Identity and Mission

In my ministry as a Spiritual Director, I often pose two key questions: “Who are you?” and “What is your mission (purpose for living)?” Mature discernment regarding one’s identity and mission are important indicators of affective maturity. As a person moves through life stages (infancy, childhood, etc.), there will be many changes in the identity and mission, e.g. student, worker, profession, vocational path such as single, marriage, clergy, religious. There is a belief  in the Roman Catholic tradition (or other Christian faith traditions) that an indelible mark of identity is implanted that marks one as a disciple of Christ.

The Gospel teaches that when Jesus began his public ministry, he began to build the Church by calling his disciples to follow him. The twelve disciples were personally called to leave family behind and follow him. Later, the Gospel relates how many other men and women were called to follow, accompany, or support his mission in various ways and paths. 

If I identify as a disciple of Christ, I am always called to service. It is in my DNA (“you are the image of the invisible God” Col. 1:15). For example, reaching the age of retirement status, I am still called to serve even as my capacity or limits of age will affect my ability to respond. I am very grateful that health and mental capacity still allow me to serve as a Spiritual Director. However, I know that with any change in health, that may decline. Until I die, I am always called to serve. My sister-in-law who is 95 and bedridden with some memory loss has a core identity and mission. When I visit, bringing her communion, I often remind her of her identity and mission, such as offering up her prayers and suffering for her children and grandchildren. She often smiles and seems at peace when she realizes (if only vaguely) her identity (disciple, beloved daughter) and mission as a purpose for living. 

Our core identity as disciples of Christ is nourished whenever we celebrate the Eucharist. “Food for the Journey.” A retired priest who is over 90 and serves still always reminds his listener, “You are Jesus Christ to all you encounter.” All disciples have a mission. To more closely recognize our mission, we need to give priority to prayer in our daily schedule. I give to all my spiritual directees a handout entitled “Disciples of Prayer.” In the preface, it begins with an explanation that in order to live more intentionally as a Catholic, it is important to order our lives in such a way that one cultivates a discipline of prayer. To better grasp and accept my mission for the day, I begin with a series of morning prayer, prayers of praise, protective and deliverance prayer, and prayers for guidance from the Holy Spirit. One of my favorite prayers is the “Secret of Sanctity”: “O, Holy Spirit, soul of my soul, I adore you. Enlighten, guide, strengthen and console me. Tell me what I ought to do and command me to do it. I promise to be submissive to everything that you permit to happen to me. Show me only what is your will.”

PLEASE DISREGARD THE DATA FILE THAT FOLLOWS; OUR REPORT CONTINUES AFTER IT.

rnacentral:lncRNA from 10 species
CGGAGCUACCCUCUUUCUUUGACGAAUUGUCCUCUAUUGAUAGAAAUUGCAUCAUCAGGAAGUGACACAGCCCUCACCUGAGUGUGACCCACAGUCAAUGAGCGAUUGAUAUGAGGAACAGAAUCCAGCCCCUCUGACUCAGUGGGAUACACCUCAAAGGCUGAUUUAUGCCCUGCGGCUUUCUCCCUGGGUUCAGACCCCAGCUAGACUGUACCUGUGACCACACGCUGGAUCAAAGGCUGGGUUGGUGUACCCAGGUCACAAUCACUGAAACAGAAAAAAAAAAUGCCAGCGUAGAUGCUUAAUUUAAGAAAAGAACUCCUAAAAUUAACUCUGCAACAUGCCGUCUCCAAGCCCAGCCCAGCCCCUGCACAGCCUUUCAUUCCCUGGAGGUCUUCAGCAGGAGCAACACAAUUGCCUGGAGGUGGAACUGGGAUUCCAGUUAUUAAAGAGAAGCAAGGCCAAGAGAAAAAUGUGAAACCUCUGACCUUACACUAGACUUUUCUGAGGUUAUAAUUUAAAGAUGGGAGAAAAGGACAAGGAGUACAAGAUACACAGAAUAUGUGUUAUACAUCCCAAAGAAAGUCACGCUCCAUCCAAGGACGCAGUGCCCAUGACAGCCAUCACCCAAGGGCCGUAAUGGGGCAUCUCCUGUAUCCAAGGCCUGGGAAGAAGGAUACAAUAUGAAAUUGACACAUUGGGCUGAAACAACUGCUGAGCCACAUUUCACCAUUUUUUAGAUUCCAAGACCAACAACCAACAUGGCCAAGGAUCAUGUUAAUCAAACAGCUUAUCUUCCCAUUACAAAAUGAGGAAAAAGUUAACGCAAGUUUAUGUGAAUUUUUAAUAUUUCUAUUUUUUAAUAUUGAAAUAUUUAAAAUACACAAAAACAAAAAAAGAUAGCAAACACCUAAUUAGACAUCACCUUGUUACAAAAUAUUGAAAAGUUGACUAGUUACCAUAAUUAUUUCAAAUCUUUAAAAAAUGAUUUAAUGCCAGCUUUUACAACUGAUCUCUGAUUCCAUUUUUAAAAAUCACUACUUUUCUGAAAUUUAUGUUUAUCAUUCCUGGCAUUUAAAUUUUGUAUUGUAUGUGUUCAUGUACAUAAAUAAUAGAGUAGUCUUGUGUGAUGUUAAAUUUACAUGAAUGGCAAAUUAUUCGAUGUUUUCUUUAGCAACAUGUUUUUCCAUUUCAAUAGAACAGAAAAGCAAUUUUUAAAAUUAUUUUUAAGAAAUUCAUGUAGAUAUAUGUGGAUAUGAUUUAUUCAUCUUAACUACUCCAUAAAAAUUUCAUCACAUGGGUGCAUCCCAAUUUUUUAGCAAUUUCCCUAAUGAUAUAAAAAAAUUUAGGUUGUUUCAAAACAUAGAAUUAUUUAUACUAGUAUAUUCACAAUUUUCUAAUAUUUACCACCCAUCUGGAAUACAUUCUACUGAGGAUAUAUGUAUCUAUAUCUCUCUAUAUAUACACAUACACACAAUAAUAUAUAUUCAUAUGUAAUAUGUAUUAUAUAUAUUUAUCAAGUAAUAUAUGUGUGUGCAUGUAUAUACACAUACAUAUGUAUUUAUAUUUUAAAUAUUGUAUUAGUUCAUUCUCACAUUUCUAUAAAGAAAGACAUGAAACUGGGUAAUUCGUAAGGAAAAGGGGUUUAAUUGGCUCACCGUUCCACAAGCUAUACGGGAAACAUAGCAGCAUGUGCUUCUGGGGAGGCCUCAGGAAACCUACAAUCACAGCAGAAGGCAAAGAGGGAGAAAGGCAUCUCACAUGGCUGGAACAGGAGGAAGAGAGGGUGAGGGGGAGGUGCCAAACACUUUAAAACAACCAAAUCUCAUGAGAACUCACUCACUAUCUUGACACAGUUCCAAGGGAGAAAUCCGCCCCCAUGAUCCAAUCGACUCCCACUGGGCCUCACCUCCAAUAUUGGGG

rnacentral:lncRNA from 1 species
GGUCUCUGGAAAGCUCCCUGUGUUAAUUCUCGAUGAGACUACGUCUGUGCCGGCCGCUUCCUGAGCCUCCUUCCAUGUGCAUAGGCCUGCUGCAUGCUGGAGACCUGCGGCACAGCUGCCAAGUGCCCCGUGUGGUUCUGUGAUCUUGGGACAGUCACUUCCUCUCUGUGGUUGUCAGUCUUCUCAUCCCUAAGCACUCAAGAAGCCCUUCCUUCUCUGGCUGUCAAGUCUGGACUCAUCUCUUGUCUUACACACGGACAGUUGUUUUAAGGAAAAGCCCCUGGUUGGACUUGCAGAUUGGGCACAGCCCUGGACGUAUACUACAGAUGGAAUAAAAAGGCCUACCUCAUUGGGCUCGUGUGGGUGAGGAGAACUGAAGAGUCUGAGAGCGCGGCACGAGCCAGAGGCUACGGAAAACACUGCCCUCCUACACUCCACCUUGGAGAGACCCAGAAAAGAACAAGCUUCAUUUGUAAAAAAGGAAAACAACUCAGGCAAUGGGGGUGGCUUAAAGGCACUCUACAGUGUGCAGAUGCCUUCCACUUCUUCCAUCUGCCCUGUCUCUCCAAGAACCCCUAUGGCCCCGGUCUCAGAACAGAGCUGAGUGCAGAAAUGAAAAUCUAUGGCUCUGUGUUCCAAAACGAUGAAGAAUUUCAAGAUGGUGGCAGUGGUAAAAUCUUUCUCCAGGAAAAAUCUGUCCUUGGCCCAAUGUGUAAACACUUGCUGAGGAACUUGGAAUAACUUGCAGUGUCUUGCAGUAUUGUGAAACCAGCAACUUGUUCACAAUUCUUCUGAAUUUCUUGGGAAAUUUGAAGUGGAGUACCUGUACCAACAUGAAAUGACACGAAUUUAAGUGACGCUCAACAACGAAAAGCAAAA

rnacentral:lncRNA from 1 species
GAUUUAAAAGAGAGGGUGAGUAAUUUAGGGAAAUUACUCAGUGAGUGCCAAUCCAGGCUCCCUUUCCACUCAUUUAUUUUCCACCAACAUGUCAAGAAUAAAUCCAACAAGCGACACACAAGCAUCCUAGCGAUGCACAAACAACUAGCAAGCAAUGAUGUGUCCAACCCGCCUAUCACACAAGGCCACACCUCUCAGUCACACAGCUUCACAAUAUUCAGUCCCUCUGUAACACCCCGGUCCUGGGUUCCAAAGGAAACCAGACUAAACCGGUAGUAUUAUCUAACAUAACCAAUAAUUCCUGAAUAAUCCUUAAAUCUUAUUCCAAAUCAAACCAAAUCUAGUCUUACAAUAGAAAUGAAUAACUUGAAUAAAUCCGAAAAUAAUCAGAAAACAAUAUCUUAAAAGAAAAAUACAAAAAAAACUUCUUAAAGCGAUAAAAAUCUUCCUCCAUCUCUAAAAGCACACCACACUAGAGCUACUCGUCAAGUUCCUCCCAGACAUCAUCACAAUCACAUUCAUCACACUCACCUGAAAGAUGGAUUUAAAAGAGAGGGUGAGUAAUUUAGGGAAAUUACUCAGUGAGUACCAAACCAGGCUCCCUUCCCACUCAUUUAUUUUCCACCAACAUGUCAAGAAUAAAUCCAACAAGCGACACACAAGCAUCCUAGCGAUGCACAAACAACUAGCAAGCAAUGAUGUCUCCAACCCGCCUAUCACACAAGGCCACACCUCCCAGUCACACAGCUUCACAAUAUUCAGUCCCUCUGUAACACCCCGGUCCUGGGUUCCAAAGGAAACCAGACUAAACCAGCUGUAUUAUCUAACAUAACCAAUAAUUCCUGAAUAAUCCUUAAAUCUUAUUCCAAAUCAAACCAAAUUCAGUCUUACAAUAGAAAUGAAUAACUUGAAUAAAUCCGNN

In the book of Genesis we read, “Let us make man in our own image and likeness” (Gen 1:26). The image of God implanted as our core identity and the likeness is realized over time as we seek with the inspiration and power of the Holy Spirit to put on Jesus Christ – “my disciples are those who hear my words and put them into practice.” ( Matt. 7:24). The expression “practicing Catholic” often means those who celebrate the Sunday Eucharist and are sent forth to live the Eucharist. They hear the word and connect the word to their daily life. “Spirituality is the art of being connected in a disconnected world.” I often feel that my days go better when I accept invitations to serve and be connected in prayer to God and others that I encounter along the way. As disciples of Christ, we need to cultivate vigilance being awake like the Scripture passage of the Watchman on the Tower able to recognize the approach of any enemy and any voices which mislead us. 

The Good News (Gospel) gives us confidence as Jesus offers the disciples as servants – the Paraclete – a counselor, a defense attorney. “I will not leave you orphans. I will send you another advocate who will be with you always and remind you of all that I told you.” (see John 14:18–26). As I get older, my memory recall often fails or is slow to respond. So I often pray begging the Lord, Come Holy Spirit, remind me often (sin is often forgetting who I am). I repeat throughout the day invoking” Come Holy Spirit, Enlighten me, Come Holy Spirit empower me, Come Holy Spirit anoint me.” To frequently activate the gifts of the Holy Spirit is to realize the personal gift of “new wine,” source of living water promised by Jesus, and to realize the abundant life here and hereafter. “Rivers of living water will flow from within him” (John 7:38).

Msgr. Ed

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